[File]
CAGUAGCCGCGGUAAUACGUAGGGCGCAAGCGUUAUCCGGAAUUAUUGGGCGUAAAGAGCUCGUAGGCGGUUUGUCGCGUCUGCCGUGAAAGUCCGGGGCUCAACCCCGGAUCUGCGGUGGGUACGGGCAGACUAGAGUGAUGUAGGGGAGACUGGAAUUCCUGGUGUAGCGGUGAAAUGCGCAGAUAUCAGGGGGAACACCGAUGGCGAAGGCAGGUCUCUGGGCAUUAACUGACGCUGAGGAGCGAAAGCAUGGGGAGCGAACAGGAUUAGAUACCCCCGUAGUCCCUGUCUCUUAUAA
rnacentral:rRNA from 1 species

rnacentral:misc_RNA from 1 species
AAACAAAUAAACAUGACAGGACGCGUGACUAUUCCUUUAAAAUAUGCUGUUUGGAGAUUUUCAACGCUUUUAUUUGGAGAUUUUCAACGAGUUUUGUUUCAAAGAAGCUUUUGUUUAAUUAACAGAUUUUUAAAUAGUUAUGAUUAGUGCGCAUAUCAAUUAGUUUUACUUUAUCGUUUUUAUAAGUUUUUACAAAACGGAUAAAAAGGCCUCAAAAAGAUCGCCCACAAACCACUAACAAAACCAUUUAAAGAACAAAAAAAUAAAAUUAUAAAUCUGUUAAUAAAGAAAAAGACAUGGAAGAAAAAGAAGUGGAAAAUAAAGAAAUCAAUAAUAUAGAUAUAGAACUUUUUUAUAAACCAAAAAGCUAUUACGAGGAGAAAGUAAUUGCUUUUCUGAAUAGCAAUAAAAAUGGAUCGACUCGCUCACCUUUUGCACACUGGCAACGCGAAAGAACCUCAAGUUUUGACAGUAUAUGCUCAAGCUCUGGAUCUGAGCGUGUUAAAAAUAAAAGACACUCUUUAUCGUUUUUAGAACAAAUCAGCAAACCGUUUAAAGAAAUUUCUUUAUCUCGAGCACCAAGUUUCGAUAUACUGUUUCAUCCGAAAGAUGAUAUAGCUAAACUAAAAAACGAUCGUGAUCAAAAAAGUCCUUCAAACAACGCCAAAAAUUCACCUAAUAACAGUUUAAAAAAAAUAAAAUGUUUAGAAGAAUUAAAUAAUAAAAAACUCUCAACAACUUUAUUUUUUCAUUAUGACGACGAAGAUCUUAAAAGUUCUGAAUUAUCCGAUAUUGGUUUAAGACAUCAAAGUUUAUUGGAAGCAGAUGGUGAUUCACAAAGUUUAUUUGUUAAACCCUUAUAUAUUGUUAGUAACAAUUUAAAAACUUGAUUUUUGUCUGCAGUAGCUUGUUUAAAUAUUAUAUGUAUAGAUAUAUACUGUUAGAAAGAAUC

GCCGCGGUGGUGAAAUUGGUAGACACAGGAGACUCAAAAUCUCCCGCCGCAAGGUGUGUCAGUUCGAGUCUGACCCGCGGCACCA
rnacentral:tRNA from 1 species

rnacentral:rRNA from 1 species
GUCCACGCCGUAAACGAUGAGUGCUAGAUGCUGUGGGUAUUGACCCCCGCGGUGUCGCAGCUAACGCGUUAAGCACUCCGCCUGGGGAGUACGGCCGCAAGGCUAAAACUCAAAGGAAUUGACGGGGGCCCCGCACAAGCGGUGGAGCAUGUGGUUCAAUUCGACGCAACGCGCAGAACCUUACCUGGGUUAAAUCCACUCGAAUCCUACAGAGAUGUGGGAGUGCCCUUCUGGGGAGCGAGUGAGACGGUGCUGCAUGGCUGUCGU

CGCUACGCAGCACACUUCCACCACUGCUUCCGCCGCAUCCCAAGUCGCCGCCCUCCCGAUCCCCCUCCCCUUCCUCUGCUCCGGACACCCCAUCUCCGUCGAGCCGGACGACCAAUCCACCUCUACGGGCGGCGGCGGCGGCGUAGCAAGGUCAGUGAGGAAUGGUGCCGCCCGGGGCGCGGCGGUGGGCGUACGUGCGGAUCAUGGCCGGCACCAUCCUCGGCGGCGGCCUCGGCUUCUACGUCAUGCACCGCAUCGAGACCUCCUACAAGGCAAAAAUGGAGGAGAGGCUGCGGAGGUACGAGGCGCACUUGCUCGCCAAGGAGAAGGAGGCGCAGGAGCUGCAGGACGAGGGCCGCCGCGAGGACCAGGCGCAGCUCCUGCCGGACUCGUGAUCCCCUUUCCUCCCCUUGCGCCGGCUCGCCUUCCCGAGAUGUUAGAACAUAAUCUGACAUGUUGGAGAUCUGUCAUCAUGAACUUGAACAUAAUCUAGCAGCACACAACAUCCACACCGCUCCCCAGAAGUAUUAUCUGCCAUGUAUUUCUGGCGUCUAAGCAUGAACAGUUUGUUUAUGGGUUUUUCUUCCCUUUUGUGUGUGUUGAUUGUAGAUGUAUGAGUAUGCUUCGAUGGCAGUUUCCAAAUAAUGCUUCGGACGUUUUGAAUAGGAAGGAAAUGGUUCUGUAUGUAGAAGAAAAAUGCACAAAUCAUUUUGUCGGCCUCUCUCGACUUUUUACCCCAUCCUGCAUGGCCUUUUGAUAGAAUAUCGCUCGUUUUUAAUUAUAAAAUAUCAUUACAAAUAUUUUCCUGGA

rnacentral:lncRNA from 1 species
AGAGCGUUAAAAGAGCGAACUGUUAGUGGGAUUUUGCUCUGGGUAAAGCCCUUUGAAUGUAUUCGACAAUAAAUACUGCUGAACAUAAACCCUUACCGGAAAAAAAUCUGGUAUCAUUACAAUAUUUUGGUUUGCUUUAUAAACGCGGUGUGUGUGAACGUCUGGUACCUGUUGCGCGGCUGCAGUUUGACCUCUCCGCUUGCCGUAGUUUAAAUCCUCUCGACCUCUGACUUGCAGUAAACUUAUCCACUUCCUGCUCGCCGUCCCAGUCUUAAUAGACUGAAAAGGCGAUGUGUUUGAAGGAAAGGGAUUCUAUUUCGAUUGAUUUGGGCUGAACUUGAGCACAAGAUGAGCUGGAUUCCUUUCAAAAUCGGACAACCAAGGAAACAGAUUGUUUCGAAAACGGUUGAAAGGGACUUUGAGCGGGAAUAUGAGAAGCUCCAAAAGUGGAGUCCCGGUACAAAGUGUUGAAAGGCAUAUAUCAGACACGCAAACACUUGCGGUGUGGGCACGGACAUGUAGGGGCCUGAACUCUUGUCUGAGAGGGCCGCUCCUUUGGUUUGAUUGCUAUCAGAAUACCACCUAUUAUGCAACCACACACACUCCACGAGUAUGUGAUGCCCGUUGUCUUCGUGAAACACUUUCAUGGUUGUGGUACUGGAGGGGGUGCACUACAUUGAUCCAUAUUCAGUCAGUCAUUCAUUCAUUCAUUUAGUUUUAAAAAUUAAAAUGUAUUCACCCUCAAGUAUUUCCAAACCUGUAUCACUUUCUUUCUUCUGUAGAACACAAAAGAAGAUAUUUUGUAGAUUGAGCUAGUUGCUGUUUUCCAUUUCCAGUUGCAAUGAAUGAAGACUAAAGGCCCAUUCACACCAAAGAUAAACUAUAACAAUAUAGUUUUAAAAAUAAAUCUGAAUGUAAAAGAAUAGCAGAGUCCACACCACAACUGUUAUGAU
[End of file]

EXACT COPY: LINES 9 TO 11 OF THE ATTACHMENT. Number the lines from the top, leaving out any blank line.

CGCUACGCAGCACACUUCCACCACUGCUUCCGCCGCAUCCCAAGUCGCCGCCCUCCCGAUCCCCCUCCCCUUCCUCUGCUCCGGACACCCCAUCUCCGUCGAGCCGGACGACCAAUCCACCUCUACGGGCGGCGGCGGCGGCGUAGCAAGGUCAGUGAGGAAUGGUGCCGCCCGGGGCGCGGCGGUGGGCGUACGUGCGGAUCAUGGCCGGCACCAUCCUCGGCGGCGGCCUCGGCUUCUACGUCAUGCACCGCAUCGAGACCUCCUACAAGGCAAAAAUGGAGGAGAGGCUGCGGAGGUACGAGGCGCACUUGCUCGCCAAGGAGAAGGAGGCGCAGGAGCUGCAGGACGAGGGCCGCCGCGAGGACCAGGCGCAGCUCCUGCCGGACUCGUGAUCCCCUUUCCUCCCCUUGCGCCGGCUCGCCUUCCCGAGAUGUUAGAACAUAAUCUGACAUGUUGGAGAUCUGUCAUCAUGAACUUGAACAUAAUCUAGCAGCACACAACAUCCACACCGCUCCCCAGAAGUAUUAUCUGCCAUGUAUUUCUGGCGUCUAAGCAUGAACAGUUUGUUUAUGGGUUUUUCUUCCCUUUUGUGUGUGUUGAUUGUAGAUGUAUGAGUAUGCUUCGAUGGCAGUUUCCAAAUAAUGCUUCGGACGUUUUGAAUAGGAAGGAAAUGGUUCUGUAUGUAGAAGAAAAAUGCACAAAUCAUUUUGUCGGCCUCUCUCGACUUUUUACCCCAUCCUGCAUGGCCUUUUGAUAGAAUAUCGCUCGUUUUUAAUUAUAAAAUAUCAUUACAAAUAUUUUCCUGGA

rnacentral:lncRNA from 1 species
AGAGCGUUAAAAGAGCGAACUGUUAGUGGGAUUUUGCUCUGGGUAAAGCCCUUUGAAUGUAUUCGACAAUAAAUACUGCUGAACAUAAACCCUUACCGGAAAAAAAUCUGGUAUCAUUACAAUAUUUUGGUUUGCUUUAUAAACGCGGUGUGUGUGAACGUCUGGUACCUGUUGCGCGGCUGCAGUUUGACCUCUCCGCUUGCCGUAGUUUAAAUCCUCUCGACCUCUGACUUGCAGUAAACUUAUCCACUUCCUGCUCGCCGUCCCAGUCUUAAUAGACUGAAAAGGCGAUGUGUUUGAAGGAAAGGGAUUCUAUUUCGAUUGAUUUGGGCUGAACUUGAGCACAAGAUGAGCUGGAUUCCUUUCAAAAUCGGACAACCAAGGAAACAGAUUGUUUCGAAAACGGUUGAAAGGGACUUUGAGCGGGAAUAUGAGAAGCUCCAAAAGUGGAGUCCCGGUACAAAGUGUUGAAAGGCAUAUAUCAGACACGCAAACACUUGCGGUGUGGGCACGGACAUGUAGGGGCCUGAACUCUUGUCUGAGAGGGCCGCUCCUUUGGUUUGAUUGCUAUCAGAAUACCACCUAUUAUGCAACCACACACACUCCACGAGUAUGUGAUGCCCGUUGUCUUCGUGAAACACUUUCAUGGUUGUGGUACUGGAGGGGGUGCACUACAUUGAUCCAUAUUCAGUCAGUCAUUCAUUCAUUCAUUUAGUUUUAAAAAUUAAAAUGUAUUCACCCUCAAGUAUUUCCAAACCUGUAUCACUUUCUUUCUUCUGUAGAACACAAAAGAAGAUAUUUUGUAGAUUGAGCUAGUUGCUGUUUUCCAUUUCCAGUUGCAAUGAAUGAAGACUAAAGGCCCAUUCACACCAAAGAUAAACUAUAACAAUAUAGUUUUAAAAAUAAAUCUGAAUGUAAAAGAAUAGCAGAGUCCACACCACAACUGUUAUGAU